The first draft called for free writing – getting ideas out of my head and into documents, with little scrutiny. I let the creative juices flow. My first draft was unreadable, and that’s what I had expected it to be. Oh, it contained some nice passages here and there, but I wouldn’t show it to anybody.
In the second draft I concentrated on making the text more reader friendly. I minimized use of passive voice (replaced the glasses were filled with Mitchell filled the glasses). Because adverb-verb pairings bore the reader, I substituted more interesting verbs (replaced ran fast with dashed). Good writing avoids overused words, so I searched the document for a list including: very, that, just, almost, really, etc. Perhaps most importantly, I looked for opportunities to identify bland passages and bring them to life.
At the end of the second draft I find myself with 34 chapters, about 95,000 words. This will produce a book of about 350 pages. That feels right.
So, what’s next? Obviously, the third draft. I’ll continue to look for the same things I did in my second draft. In addition, I’ll contemplate big picture issues such as theme, pace, structure, and more.
I have a compelling story to share, and I show flashes of writing ability, but it will take a lot of work to make this publishing-ready. I don’t want anyone to read the book because they know me, and they feel obligated. Instead, I hope people will sample or purchase this book because it is well marketed and has positive reviews. Ideally, they will keep reading this book because they can’t put it down. When they finish they will wish it had been longer, not shorter. I look forward to comments like, “I enjoyed the book, and it made me think about things differently.” I'll continue improving the manuscript until I feel it meets these criteria. I'm in no hurry.
My friend and local author Joe Souza helped me improve the all important opening chapter. My friends at the Portland Writers Group are still giving me outstanding feedback, and I will involve other folks as the project moves along.
In my February announcement I asked readers to submit ideas for the title. The majority suggested the book title be the same as this blog. But I wanted a subtitle, and you gave me some great suggestions. Here are my top choices so far, but I’m not convinced the perfect title is in this list yet:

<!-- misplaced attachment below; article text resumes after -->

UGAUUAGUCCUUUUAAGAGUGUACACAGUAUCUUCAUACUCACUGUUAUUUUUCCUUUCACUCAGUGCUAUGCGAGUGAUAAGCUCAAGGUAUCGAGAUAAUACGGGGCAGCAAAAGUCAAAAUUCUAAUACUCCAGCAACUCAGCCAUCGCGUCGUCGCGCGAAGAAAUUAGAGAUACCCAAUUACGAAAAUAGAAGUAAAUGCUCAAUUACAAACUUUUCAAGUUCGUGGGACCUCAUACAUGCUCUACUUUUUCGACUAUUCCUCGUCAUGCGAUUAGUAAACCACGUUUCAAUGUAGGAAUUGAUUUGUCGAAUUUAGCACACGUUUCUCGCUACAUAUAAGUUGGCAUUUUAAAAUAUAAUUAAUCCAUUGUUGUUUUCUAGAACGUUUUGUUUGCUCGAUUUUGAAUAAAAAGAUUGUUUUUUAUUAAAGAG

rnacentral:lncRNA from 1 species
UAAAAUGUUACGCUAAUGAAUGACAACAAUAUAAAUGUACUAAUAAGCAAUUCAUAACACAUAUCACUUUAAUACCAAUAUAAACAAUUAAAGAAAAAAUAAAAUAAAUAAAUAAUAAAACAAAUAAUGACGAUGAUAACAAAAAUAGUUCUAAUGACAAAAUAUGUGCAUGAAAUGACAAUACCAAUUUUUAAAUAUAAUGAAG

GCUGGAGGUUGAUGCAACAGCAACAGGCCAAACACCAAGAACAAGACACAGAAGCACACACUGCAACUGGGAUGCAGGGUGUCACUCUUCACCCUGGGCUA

Enjoying the Ride: A Story of Mutual Suffering and Shared Resilience
Enjoying the Ride: A Mother and Son’s Mutual Suffering and Shared Resilience
Enjoying the Ride: A Family Adapted
Enjoying the Ride: A Mother and Son Adapted
Enjoying the Ride: The Story of a Second-Generation Quadriplegic
Enjoying the Ride: The Courageous Story of Mother and Son Quadriplegics
Enjoying the Ride: Holding It Together When Everything Is Falling Apart
For those of you who missed the first post, here is my synopsis of the book:
Paralysis can strike without warning – one moment you’re a dynamic and independent person and the next, a quadriplegic. That’s what happened to my late mother when she crushed her cervical spinal cord at the age of 35. But sometimes paralysis chips away at your movements, a tiny bit every day, until you become locked inside the useless shell of a body. That’s what has been happening to me since the age of 38 when an aggressive form of MS began to ravage my cervical spinal cord – at an eerily similar location to my mother’s injury. Although we followed different paths, we ended up at the same place.
In a straightforward, irreverent, and hopefully inspirational manner, I tell the story of a mother and son’s mutual suffering and shared resilience. I revisit a childhood growing up with my extraordinary mother then take the reader on a journey through more than a decade of my adult life spent battling primary progressive MS.
My mother prepared me for challenges we could never have imagined I would face. And through the writing process I grew closer to her by finding new meaning in the legacy she left behind.
I’ll keep you updated!